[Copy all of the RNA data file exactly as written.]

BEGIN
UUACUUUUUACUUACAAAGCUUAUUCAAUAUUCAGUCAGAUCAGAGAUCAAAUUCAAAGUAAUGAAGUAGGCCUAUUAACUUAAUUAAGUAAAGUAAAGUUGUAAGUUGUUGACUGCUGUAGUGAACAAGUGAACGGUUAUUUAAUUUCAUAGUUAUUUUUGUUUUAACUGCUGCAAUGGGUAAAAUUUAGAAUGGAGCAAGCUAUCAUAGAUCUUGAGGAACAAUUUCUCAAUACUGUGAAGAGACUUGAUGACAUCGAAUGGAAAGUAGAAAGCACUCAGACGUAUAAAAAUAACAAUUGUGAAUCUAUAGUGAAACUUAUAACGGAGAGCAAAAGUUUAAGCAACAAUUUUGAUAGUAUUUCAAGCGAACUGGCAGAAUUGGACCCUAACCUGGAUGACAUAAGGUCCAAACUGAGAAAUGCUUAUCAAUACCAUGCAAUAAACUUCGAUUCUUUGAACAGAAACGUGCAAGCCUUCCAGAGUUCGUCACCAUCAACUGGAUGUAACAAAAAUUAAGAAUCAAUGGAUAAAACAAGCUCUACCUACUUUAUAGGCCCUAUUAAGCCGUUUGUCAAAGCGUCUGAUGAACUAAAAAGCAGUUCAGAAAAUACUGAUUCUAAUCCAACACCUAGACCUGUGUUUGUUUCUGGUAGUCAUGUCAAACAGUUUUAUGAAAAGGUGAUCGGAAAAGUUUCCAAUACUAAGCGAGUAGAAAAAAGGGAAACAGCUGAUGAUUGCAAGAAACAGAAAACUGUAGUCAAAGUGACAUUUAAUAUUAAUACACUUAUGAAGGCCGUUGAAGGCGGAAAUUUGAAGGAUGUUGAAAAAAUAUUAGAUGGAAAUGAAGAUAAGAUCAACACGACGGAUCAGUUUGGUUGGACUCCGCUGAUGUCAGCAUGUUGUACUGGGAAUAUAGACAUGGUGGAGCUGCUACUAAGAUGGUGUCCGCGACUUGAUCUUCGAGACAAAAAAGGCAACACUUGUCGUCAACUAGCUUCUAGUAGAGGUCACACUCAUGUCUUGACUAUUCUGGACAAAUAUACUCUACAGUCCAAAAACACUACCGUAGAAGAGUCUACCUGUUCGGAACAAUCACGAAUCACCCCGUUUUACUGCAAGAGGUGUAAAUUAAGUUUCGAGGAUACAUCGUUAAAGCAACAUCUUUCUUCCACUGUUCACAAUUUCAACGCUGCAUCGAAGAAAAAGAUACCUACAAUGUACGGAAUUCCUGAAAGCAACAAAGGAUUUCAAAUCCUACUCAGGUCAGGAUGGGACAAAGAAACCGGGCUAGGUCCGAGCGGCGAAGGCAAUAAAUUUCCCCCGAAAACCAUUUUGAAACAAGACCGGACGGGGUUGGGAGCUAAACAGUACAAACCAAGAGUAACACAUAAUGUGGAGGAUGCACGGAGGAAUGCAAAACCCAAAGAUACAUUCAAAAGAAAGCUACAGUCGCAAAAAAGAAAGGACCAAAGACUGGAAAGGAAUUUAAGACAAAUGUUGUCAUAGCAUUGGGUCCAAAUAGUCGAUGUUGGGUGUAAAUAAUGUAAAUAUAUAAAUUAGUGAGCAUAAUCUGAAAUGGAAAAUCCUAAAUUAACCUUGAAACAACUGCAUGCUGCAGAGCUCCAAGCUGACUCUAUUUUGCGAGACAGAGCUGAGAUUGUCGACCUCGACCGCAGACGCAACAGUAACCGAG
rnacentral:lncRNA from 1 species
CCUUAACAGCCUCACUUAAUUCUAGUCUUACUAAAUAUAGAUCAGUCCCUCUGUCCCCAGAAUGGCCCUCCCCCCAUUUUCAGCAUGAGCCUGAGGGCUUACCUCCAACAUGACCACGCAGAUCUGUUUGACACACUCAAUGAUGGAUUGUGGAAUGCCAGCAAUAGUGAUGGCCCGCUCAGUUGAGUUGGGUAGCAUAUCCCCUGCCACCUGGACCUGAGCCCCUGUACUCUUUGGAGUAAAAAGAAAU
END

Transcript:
UUACUUUUUACUUACAAAGCUUAUUCAAUAUUCAGUCAGAUCAGAGAUCAAAUUCAAAGUAAUGAAGUAGGCCUAUUAACUUAAUUAAGUAAAGUAAAGUUGUAAGUUGUUGACUGCUGUAGUGAACAAGUGAACGGUUAUUUAAUUUCAUAGUUAUUUUUGUUUUAACUGCUGCAAUGGGUAAAAUUUAGAAUGGAGCAAGCUAUCAUAGAUCUUGAGGAACAAUUUCUCAAUACUGUGAAGAGACUUGAUGACAUCGAAUGGAAAGUAGAAAGCACUCAGACGUAUAAAAAUAACAAUUGUGAAUCUAUAGUGAAACUUAUAACGGAGAGCAAAAGUUUAAGCAACAAUUUUGAUAGUAUUUCAAGCGAACUGGCAGAAUUGGACCCUAACCUGGAUGACAUAAGGUCCAAACUGAGAAAUGCUUAUCAAUACCAUGCAAUAAACUUCGAUUCUUUGAACAGAAACGUGCAAGCCUUCCAGAGUUCGUCACCAUCAACUGGAUGUAACAAAAAUUAAGAAUCAAUGGAUAAAACAAGCUCUACCUACUUUAUAGGCCCUAUUAAGCCGUUUGUCAAAGCGUCUGAUGAACUAAAAAGCAGUUCAGAAAAUACUGAUUCUAAUCCAACACCUAGACCUGUGUUUGUUUCUGGUAGUCAUGUCAAACAGUUUUAUGAAAAGGUGAUCGGAAAAGUUUCCAAUACUAAGCGAGUAGAAAAAAGGGAAACAGCUGAUGAUUGCAAGAAACAGAAAACUGUAGUCAAAGUGACAUUUAAUAUUAAUACACUUAUGAAGGCCGUUGAAGGCGGAAAUUUGAAGGAUGUUGAAAAAAUAUUAGAUGGAAAUGAAGAUAAGAUCAACACGACGGAUCAGUUUGGUUGGACUCCGCUGAUGUCAGCAUGUUGUACUGGGAAUAUAGACAUGGUGGAGCUGCUACUAAGAUGGUGUCCGCGACUUGAUCUUCGAGACAAAAAAGGCAACACUUGUCGUCAACUAGCUUCUAGUAGAGGUCACACUCAUGUCUUGACUAUUCUGGACAAAUAUACUCUACAGUCCAAAAACACUACCGUAGAAGAGUCUACCUGUUCGGAACAAUCACGAAUCACCCCGUUUUACUGCAAGAGGUGUAAAUUAAGUUUCGAGGAUACAUCGUUAAAGCAACAUCUUUCUUCCACUGUUCACAAUUUCAACGCUGCAUCGAAGAAAAAGAUACCUACAAUGUACGGAAUUCCUGAAAGCAACAAAGGAUUUCAAAUCCUACUCAGGUCAGGAUGGGACAAAGAAACCGGGCUAGGUCCGAGCGGCGAAGGCAAUAAAUUUCCCCCGAAAACCAUUUUGAAACAAGACCGGACGGGGUUGGGAGCUAAACAGUACAAACCAAGAGUAACACAUAAUGUGGAGGAUGCACGGAGGAAUGCAAAACCCAAAGAUACAUUCAAAAGAAAGCUACAGUCGCAAAAAAGAAAGGACCAAAGACUGGAAAGGAAUUUAAGACAAAUGUUGUCAUAGCAUUGGGUCCAAAUAGUCGAUGUUGGGUGUAAAUAAUGUAAAUAUAUAAAUUAGUGAGCAUAAUCUGAAAUGGAAAAUCCUAAAUUAACCUUGAAACAACUGCAUGCUGCAGAGCUCCAAGCUGACUCUAUUUUGCGAGACAGAGCUGAGAUUGUCGACCUCGACCGCAGACGCAACAGUAACCGAG
rnacentral:lncRNA from 1 species
CCUUAACAGCCUCACUUAAUUCUAGUCUUACUAAAUAUAGAUCAGUCCCUCUGUCCCCAGAAUGGCCCUCCCCCCAUUUUCAGCAUGAGCCUGAGGGCUUACCUCCAACAUGACCACGCAGAUCUGUUUGACACACUCAAUGAUGGAUUGUGGAAUGCCAGCAAUAGUGAUGGCCCGCUCAGUUGAGUUGGGUAGCAUAUCCCCUGCCACCUGGACCUGAGCCCCUGUACUCUUUGGAGUAAAAAGAAAU